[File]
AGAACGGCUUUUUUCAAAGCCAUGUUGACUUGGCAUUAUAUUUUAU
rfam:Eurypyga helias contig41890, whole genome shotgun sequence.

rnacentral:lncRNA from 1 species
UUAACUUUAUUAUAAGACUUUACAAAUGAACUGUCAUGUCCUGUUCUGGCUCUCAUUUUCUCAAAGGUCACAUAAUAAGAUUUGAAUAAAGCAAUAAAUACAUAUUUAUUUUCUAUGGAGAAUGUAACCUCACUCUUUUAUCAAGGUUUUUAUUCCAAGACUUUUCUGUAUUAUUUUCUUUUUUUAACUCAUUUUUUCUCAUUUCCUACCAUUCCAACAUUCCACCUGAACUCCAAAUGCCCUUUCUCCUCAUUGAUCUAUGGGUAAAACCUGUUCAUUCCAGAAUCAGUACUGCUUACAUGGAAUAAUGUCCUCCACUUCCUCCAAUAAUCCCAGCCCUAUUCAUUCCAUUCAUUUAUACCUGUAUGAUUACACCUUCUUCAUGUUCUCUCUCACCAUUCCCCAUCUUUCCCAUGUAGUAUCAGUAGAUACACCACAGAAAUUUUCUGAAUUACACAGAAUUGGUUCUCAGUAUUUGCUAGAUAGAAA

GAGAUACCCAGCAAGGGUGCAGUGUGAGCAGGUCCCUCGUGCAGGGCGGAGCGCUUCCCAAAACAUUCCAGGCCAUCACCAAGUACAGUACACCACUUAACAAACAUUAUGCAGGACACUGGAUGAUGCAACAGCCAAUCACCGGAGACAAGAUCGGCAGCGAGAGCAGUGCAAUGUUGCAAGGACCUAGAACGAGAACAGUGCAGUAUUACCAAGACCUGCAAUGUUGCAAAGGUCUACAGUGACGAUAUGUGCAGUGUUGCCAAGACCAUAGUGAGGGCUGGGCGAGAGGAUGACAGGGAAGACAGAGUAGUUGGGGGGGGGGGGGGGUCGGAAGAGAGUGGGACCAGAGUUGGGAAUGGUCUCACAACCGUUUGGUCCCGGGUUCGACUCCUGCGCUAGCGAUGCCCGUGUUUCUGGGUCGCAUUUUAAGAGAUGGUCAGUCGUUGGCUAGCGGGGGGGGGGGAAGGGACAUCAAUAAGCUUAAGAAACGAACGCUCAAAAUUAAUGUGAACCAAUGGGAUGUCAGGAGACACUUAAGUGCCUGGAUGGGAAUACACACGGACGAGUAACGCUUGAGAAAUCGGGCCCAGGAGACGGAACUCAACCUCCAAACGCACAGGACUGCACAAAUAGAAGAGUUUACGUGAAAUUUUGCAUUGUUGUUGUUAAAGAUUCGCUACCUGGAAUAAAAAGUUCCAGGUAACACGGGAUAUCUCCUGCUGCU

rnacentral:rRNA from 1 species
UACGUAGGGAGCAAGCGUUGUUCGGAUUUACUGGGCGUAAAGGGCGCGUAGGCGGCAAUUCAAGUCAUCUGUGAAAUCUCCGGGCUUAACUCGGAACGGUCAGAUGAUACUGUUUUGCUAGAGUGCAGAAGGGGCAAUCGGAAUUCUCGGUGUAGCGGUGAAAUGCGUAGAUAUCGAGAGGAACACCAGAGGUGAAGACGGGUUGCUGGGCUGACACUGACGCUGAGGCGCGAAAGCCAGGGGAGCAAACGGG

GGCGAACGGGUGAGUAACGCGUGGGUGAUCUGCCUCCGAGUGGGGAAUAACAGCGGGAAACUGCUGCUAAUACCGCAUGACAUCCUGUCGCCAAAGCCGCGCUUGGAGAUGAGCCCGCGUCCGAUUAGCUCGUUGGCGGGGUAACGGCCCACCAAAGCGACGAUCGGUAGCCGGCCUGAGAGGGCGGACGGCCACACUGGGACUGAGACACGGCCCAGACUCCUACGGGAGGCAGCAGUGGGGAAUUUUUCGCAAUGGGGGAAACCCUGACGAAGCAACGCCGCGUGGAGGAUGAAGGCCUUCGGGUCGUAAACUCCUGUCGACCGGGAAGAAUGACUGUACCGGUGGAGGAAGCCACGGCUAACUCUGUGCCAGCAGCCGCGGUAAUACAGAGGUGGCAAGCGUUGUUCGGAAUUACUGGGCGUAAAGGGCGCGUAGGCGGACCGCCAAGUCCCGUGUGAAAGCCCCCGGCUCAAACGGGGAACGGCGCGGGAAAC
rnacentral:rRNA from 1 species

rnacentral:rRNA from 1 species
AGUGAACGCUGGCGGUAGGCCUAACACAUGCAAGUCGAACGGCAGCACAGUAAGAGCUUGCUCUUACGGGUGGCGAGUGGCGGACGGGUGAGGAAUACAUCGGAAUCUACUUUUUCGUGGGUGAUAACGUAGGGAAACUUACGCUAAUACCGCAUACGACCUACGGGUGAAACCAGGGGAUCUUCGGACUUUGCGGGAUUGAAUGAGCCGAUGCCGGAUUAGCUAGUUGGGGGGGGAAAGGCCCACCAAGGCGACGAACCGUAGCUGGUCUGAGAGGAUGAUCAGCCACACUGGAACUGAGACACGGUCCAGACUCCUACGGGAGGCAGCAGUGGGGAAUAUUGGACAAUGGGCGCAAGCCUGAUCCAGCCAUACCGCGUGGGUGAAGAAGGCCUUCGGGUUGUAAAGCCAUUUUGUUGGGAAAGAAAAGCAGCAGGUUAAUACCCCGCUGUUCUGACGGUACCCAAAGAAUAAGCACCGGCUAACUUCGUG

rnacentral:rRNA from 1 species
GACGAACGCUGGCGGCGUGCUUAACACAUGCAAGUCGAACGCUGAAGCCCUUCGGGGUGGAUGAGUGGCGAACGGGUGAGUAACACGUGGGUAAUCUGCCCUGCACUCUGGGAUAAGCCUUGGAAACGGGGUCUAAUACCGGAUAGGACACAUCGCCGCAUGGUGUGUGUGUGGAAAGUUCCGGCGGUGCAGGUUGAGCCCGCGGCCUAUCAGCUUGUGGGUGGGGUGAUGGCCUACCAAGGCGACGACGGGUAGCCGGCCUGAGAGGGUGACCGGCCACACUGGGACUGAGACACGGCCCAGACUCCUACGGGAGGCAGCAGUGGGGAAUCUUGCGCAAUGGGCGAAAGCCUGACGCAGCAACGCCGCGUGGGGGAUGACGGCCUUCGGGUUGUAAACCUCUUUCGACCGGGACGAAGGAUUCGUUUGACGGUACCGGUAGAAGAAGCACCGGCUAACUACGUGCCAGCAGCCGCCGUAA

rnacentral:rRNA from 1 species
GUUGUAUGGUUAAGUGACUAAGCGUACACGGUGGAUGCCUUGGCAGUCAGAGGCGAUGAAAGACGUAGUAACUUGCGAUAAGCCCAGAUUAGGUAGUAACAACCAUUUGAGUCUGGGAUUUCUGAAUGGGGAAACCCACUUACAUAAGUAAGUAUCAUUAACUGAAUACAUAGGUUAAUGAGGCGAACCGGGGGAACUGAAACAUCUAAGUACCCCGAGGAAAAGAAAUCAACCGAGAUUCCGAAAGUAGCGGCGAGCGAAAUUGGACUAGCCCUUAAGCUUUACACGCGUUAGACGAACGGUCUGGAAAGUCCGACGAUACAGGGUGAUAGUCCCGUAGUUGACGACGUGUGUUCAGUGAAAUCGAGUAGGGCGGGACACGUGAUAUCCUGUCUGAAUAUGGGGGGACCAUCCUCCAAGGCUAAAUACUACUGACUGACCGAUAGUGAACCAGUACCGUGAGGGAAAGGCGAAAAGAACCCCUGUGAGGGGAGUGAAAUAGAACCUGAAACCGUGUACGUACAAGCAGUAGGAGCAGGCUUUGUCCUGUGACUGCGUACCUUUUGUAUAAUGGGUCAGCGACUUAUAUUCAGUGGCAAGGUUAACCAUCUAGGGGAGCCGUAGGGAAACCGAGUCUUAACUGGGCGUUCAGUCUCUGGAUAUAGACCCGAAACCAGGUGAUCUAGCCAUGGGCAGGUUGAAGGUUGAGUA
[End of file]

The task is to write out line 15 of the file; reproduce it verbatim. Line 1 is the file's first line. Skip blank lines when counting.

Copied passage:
GUUGUAUGGUUAAGUGACUAAGCGUACACGGUGGAUGCCUUGGCAGUCAGAGGCGAUGAAAGACGUAGUAACUUGCGAUAAGCCCAGAUUAGGUAGUAACAACCAUUUGAGUCUGGGAUUUCUGAAUGGGGAAACCCACUUACAUAAGUAAGUAUCAUUAACUGAAUACAUAGGUUAAUGAGGCGAACCGGGGGAACUGAAACAUCUAAGUACCCCGAGGAAAAGAAAUCAACCGAGAUUCCGAAAGUAGCGGCGAGCGAAAUUGGACUAGCCCUUAAGCUUUACACGCGUUAGACGAACGGUCUGGAAAGUCCGACGAUACAGGGUGAUAGUCCCGUAGUUGACGACGUGUGUUCAGUGAAAUCGAGUAGGGCGGGACACGUGAUAUCCUGUCUGAAUAUGGGGGGACCAUCCUCCAAGGCUAAAUACUACUGACUGACCGAUAGUGAACCAGUACCGUGAGGGAAAGGCGAAAAGAACCCCUGUGAGGGGAGUGAAAUAGAACCUGAAACCGUGUACGUACAAGCAGUAGGAGCAGGCUUUGUCCUGUGACUGCGUACCUUUUGUAUAAUGGGUCAGCGACUUAUAUUCAGUGGCAAGGUUAACCAUCUAGGGGAGCCGUAGGGAAACCGAGUCUUAACUGGGCGUUCAGUCUCUGGAUAUAGACCCGAAACCAGGUGAUCUAGCCAUGGGCAGGUUGAAGGUUGAGUA